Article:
Between the Buried and Me
The Great Misdirect


4.0
excellent

Review

by Tyler Munro EMERITUS
October 26th, 2009 | 3828 replies | 150,525 views


Release Date: 2009 | Tracklist

Review Summary: While The Great Misdirect might not match the raw intensity of The Silent Circus, it might be their most coherent album yet.

A new Between the Buried and Me album means a new locomotive, and this time the hype-train is chugging along faster than ever. For most fans of the band, Colors was a landmark release. Alaska was, in a lot of ways, just another take on The Silent Circus. A shittier one, at that. But Colors brought something new. Not only did it finally make full use of one-time session musicians Blake, Dan and Dustie, but it pushed the band further into their earlier hinted progressive tendencies. Problem is, Colors was actually kind of a mess. Most of the songs were too long, they featured awkward, sloppy (or sometimes nonexistent) transitions. The heavy parts were regurgitated from their past works (sometimes verbatim) and the off-kilter, 'wacky' parts in “Sun of Nothing” and “Ants of the Sky” seemed like they were only there to fill up space and show us that the band has a fun side. Of course I'm nit-picking, Colors was still pretty fucking good, but it was obviously the beginning of a transition, one I think they've completed on The Great Misdirect.

The Great Misdirect is very much a structural refinement of Colors. It's in the same vein, but better in every way. Like its predecessor, The Great Misdirect also starts with a softer number, but unlike “Foam Born”, “Mirrors” feels like a fully developed song instead of a passing thought. The Great Misdirect also ends with a long-running epic, but we'll get to that later. First, I want to revisit those aforementioned 'wacky' parts. You know the ones I'm referring to; the Bungle-esque philandering in “Sun of Nothing” and the “Shevanel” revisiting bluegrass from “Ants of the Sky”. Technically speaking, those parts were well done. But they were totally fucking pointless in the context of the songs, and they tragically cheapened what was otherwise the best one-two punch on the album. It felt like the band was laughing at us, showing off with a mildly retarded charm reminiscent of MadTV's Stewart. “Look what I can do” repeated over and over and over. As an indicator of the refinement that took place between albums, the wackiness actually takes centre stage on “Fossil Genera”, but it's a flip of the script when its swinging circus aesthetic fits more comfortably within their sound than genre-typical instrumental flexing. No, The Great Misdirect's flow isn't chopped by left-of-centre Patton-isms, but what I'd like to call the Prog Nation effect. No song makes this more evident than the 18 minute (and ten minutes too long) “Swim to the Moon”.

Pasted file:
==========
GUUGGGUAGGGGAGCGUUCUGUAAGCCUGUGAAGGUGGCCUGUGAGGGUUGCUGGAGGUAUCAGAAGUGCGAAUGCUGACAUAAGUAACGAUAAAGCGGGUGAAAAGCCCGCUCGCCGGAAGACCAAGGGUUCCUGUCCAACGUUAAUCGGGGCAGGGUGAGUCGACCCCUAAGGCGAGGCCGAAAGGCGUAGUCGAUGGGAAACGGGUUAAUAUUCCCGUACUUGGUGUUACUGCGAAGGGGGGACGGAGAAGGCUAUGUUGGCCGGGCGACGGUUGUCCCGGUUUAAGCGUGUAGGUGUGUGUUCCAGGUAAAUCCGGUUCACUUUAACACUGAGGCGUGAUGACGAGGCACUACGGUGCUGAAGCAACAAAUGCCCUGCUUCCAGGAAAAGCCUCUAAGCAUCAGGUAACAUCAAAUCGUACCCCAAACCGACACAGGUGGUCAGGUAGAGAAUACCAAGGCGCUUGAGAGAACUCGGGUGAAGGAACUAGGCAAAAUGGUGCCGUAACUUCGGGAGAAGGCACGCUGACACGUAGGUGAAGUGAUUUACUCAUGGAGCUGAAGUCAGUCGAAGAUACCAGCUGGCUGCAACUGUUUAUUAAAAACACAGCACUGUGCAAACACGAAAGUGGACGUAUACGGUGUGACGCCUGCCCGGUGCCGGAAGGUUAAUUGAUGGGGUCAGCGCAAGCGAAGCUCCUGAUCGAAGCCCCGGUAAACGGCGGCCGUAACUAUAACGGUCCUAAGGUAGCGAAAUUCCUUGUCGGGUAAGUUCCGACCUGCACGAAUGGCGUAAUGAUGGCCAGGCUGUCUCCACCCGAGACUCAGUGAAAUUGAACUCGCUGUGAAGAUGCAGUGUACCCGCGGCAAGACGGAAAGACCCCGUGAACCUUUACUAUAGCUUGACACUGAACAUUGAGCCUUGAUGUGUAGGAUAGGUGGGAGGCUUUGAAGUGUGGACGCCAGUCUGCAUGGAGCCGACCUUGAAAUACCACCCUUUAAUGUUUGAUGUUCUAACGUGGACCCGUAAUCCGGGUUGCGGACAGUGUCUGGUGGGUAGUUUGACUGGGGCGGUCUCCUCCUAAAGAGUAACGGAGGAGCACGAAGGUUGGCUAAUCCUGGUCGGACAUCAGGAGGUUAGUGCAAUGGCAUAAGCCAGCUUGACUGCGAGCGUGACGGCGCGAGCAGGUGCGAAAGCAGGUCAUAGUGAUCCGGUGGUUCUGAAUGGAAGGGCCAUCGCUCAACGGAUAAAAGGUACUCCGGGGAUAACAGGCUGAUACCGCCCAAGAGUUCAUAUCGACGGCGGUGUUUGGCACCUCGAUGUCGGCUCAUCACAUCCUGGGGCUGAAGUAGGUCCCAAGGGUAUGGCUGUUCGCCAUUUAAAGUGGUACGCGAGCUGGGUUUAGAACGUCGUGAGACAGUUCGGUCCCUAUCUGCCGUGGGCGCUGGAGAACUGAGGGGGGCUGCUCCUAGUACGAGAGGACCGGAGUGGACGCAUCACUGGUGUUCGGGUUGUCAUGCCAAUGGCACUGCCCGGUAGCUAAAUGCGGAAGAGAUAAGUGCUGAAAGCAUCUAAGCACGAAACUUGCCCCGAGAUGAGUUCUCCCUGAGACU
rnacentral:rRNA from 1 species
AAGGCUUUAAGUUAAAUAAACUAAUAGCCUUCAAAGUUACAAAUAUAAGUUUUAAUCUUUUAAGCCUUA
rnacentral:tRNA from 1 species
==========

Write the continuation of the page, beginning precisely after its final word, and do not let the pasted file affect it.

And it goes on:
Sure, it's never as disorganized as “Black Rose Immortal” or as outrightly terrible as any of Dream Theater's epics, but it's still pretty self-indulgent and way too fucking long, which isn't to say the extraneous parts fall at the end. No, “Swim to the Moon” drags its feet through its midway, pulling the listener through minutes of ego-fellating shred. It's not the solos---keys and guitars primarily-- that flirt with tastelessness; it's their very presence. Barring Tommy's epileptic noodling, “Swim to the Moon”'s masturbatory interlude serves its purpose. Instrumentally speaking, it's impressive. But the fact remains that it's purpose is nonexistent. We already knew they could play their instruments. As a result “Swim to the Moon” is an already long song made even longer by a tasteless jam session. It would work in a live setting, giving the band room to really show their stuff and have some fun (for once). On the album it's superfluous, showy and in the end pretty fucking stupid. Even still, “Swim to the Moon” is still a good song. It does a good job at establishing dynamics toward the end---when you expect it to follow suit with Alaska and Colors in its use of a cacophonous breakdown...well, the breakdown is still there (and it still sounds the exact fucking same as it did on Colors), but the track actually ends on a surprisingly mellow note. Reusing the same riff that introduces the song in different contexts (from the Blue Man Group-like beginning to heavier and ever western sounding flairs) helps keep the song afloat and keys the listener back into the song, but it saves the song falling completely off the map--it doesn't excuse the longwinded self-indulgences. But like I said, “Swim to the Moon” isn't a bad song. In fact there are no bad songs on The Great Misdirect, a fact which may be as much of a testament to each track's variety and extended runtime than anything.

Wedged between the 12 minute “Fossil Genera” and the 18 minute “Swim to the Moon”, “Desert of Song” could pass for the weakest on the album (though I'd personally give that honour to “Swim to the Moon”). But clocking in at a modest five and a half minutes, it's a necessary bridge between two long-winded epics. Its mostly-acoustic crooning may be without any real context, but by making use of Paul Waggoner's rarely heard (and surprisingly capable) vocals as well as a well placed, jaw-dropping bass-work, “Desert of Song” gives the listener a chance to breath. Other than “Mirrors”, it's really the only one they'll get.